The head of Seabreeze Partners, a Palm Beach and NY hedge fund, told the BBC, "It appears that at least $15bn of wealth, much of which was concentrated in southern Florida and New York City, has gone to money heaven." In Palm Beach, where many of Madoff's clients were recruited, one woman explained to the Times how to pronounce the scamming investor's name: "Made off. You know, like he made off with all our money.”
I hear all the time from recent law graduates who have $100,000 or $150,000 or $200,000 in educational debt, and who are either working in jobs, legal and non-legal, that barely pay their modest living expenses, or who don't have jobs at all.  Many if not most of these people are never going to find work that allows them to pay more than a nominal amount on what they owe on their loans.

I got together recently with one of my oldest friends in this business, a guy I worked with at Latham more than 20 years ago.  He was in the original associate class that got Lathamed in the early 90s, and he was amused to learn from me that Latham had become a verb. Since then he has worked almost continuously as a lawyer, and currently holds a government job that most people in the legal world right now would probably consider in about the 95th percentile of desirability in terms of legal work (decent salary, reasonable lifestyle, good job security).

He graduated at the top of his class from a pretty good private law school in the late 80s with about $55K in debt.  I asked him if he still owed anything on his law school loans, and he laughed and told me that the balance on them was almost exactly the same today as it was the day he graduated.  He's worked as a lawyer for 20+ years, he's in his late 50s, and he can't possibly retire any time in the foreseeable future. He's never been in default on a loan and is currently trying to move his balance into the federal government's ten-year loan forgiveness program for government and public interest work.

Over the next few years, a lot of politicians are going to slowly come to the realization that when Cameron and Abigail "borrow" $150,000 of taxpayer money and give it to an institution of higher learning, that money is going to money heaven. Sure, it's technically a "loan," but it's the special kind of loan that we know in advance is not going to get paid back, because to pay back a loan of that size you need a high-paying job, and they're never going to have that kind of job. It would be far more efficient for the government to simply give money to these institutions themselves (a good deal less money of course, subject to all sorts of appropriate restrictions on what the institutions can spend it on) than to "give" it to Cameron and Abigail first, so they can spend the rest of their lives in debt servitude.  But that would be socialism and make the ghosts of Ronald Reagan and J.P. Morgan and John Calvin very sad so we can't do that.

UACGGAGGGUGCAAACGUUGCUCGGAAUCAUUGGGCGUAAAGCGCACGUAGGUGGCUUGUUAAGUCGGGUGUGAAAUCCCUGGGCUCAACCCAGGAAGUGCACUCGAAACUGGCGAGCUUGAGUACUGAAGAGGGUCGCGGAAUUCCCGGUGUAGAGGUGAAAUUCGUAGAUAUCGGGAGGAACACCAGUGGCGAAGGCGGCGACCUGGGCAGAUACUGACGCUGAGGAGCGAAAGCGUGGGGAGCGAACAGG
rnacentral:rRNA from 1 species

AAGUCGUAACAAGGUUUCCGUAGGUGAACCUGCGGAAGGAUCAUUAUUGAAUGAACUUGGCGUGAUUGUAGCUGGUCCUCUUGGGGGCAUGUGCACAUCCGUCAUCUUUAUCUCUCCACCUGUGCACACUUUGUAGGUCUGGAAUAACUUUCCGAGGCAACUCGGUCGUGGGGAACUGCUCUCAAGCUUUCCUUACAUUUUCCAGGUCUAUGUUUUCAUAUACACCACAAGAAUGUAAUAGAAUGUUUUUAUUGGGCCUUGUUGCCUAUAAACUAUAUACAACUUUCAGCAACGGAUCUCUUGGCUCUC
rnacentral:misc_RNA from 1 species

Right now Sen. Dick Durbin of Illinois is trying to do something about this.  He isn't hearing from many law grads, and given his general remarks on the topic, he like almost everyone else of his generation needs to be brought up to speed on what's been happening to legal education and the legal profession in the years since he went to law school and began his own career.

People can go here to tell him their stories. Please do.

Thursday, April 12, 2012

Stetson Law School Wants You

Are you currently considering enrolling in a certified program of legal education at an outstanding university located in an outstanding city in an outstanding state?  If  so and things don't work out you might consider the Stetson College of Law in Tampa Bay, FLA, which it would be fair to say is very interested in speaking with you at your earliest convenience.  But even if it's not convenient for you to apply for admission this week or this month or this spring that's OK, because if you don't act now you can apply as late as July 1st for admission to the Fall 2012 class. Classes start just 47 days later, but I'm pretty sure that will give the Admissions Office more than enough time to determine if you are not currently an involuntary resident of a correctional facility meet the school's entrance requirements.